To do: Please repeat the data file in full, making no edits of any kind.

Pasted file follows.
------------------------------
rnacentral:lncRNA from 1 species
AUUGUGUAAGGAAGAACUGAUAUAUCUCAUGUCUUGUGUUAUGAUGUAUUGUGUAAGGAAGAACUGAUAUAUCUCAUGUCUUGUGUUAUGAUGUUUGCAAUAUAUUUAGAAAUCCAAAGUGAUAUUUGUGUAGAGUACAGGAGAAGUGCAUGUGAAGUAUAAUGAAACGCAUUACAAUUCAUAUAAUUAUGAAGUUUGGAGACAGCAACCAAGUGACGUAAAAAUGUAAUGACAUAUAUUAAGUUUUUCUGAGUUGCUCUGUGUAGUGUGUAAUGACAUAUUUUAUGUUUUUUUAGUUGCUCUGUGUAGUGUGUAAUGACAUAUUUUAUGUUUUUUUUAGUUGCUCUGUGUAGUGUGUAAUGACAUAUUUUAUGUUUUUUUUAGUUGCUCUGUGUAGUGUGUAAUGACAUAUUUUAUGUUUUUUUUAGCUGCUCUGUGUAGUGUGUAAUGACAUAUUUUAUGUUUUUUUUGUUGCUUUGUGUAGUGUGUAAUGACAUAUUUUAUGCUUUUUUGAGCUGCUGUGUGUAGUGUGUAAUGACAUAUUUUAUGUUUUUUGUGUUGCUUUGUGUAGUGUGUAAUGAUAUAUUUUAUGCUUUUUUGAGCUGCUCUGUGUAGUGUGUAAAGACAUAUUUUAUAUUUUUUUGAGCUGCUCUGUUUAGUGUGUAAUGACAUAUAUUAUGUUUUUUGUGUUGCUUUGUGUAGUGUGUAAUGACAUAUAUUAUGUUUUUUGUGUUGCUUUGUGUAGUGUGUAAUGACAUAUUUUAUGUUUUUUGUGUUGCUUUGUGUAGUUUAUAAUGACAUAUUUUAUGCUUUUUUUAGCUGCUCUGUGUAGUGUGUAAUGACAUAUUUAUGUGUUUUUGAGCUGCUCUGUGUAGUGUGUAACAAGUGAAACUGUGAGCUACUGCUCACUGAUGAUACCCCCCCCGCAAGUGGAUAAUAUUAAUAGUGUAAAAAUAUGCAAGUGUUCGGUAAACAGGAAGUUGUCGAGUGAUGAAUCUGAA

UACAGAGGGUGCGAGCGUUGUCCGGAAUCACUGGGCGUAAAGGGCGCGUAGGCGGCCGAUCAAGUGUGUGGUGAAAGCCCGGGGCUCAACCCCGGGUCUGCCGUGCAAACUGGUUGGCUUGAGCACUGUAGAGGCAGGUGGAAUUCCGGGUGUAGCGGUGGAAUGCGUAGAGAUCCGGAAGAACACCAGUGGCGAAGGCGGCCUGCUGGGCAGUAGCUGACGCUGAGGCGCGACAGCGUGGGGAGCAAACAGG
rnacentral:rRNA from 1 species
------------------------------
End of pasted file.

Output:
rnacentral:lncRNA from 1 species
AUUGUGUAAGGAAGAACUGAUAUAUCUCAUGUCUUGUGUUAUGAUGUAUUGUGUAAGGAAGAACUGAUAUAUCUCAUGUCUUGUGUUAUGAUGUUUGCAAUAUAUUUAGAAAUCCAAAGUGAUAUUUGUGUAGAGUACAGGAGAAGUGCAUGUGAAGUAUAAUGAAACGCAUUACAAUUCAUAUAAUUAUGAAGUUUGGAGACAGCAACCAAGUGACGUAAAAAUGUAAUGACAUAUAUUAAGUUUUUCUGAGUUGCUCUGUGUAGUGUGUAAUGACAUAUUUUAUGUUUUUUUAGUUGCUCUGUGUAGUGUGUAAUGACAUAUUUUAUGUUUUUUUUAGUUGCUCUGUGUAGUGUGUAAUGACAUAUUUUAUGUUUUUUUUAGUUGCUCUGUGUAGUGUGUAAUGACAUAUUUUAUGUUUUUUUUAGCUGCUCUGUGUAGUGUGUAAUGACAUAUUUUAUGUUUUUUUUGUUGCUUUGUGUAGUGUGUAAUGACAUAUUUUAUGCUUUUUUGAGCUGCUGUGUGUAGUGUGUAAUGACAUAUUUUAUGUUUUUUGUGUUGCUUUGUGUAGUGUGUAAUGAUAUAUUUUAUGCUUUUUUGAGCUGCUCUGUGUAGUGUGUAAAGACAUAUUUUAUAUUUUUUUGAGCUGCUCUGUUUAGUGUGUAAUGACAUAUAUUAUGUUUUUUGUGUUGCUUUGUGUAGUGUGUAAUGACAUAUAUUAUGUUUUUUGUGUUGCUUUGUGUAGUGUGUAAUGACAUAUUUUAUGUUUUUUGUGUUGCUUUGUGUAGUUUAUAAUGACAUAUUUUAUGCUUUUUUUAGCUGCUCUGUGUAGUGUGUAAUGACAUAUUUAUGUGUUUUUGAGCUGCUCUGUGUAGUGUGUAACAAGUGAAACUGUGAGCUACUGCUCACUGAUGAUACCCCCCCCGCAAGUGGAUAAUAUUAAUAGUGUAAAAAUAUGCAAGUGUUCGGUAAACAGGAAGUUGUCGAGUGAUGAAUCUGAA

UACAGAGGGUGCGAGCGUUGUCCGGAAUCACUGGGCGUAAAGGGCGCGUAGGCGGCCGAUCAAGUGUGUGGUGAAAGCCCGGGGCUCAACCCCGGGUCUGCCGUGCAAACUGGUUGGCUUGAGCACUGUAGAGGCAGGUGGAAUUCCGGGUGUAGCGGUGGAAUGCGUAGAGAUCCGGAAGAACACCAGUGGCGAAGGCGGCCUGCUGGGCAGUAGCUGACGCUGAGGCGCGACAGCGUGGGGAGCAAACAGG
rnacentral:rRNA from 1 species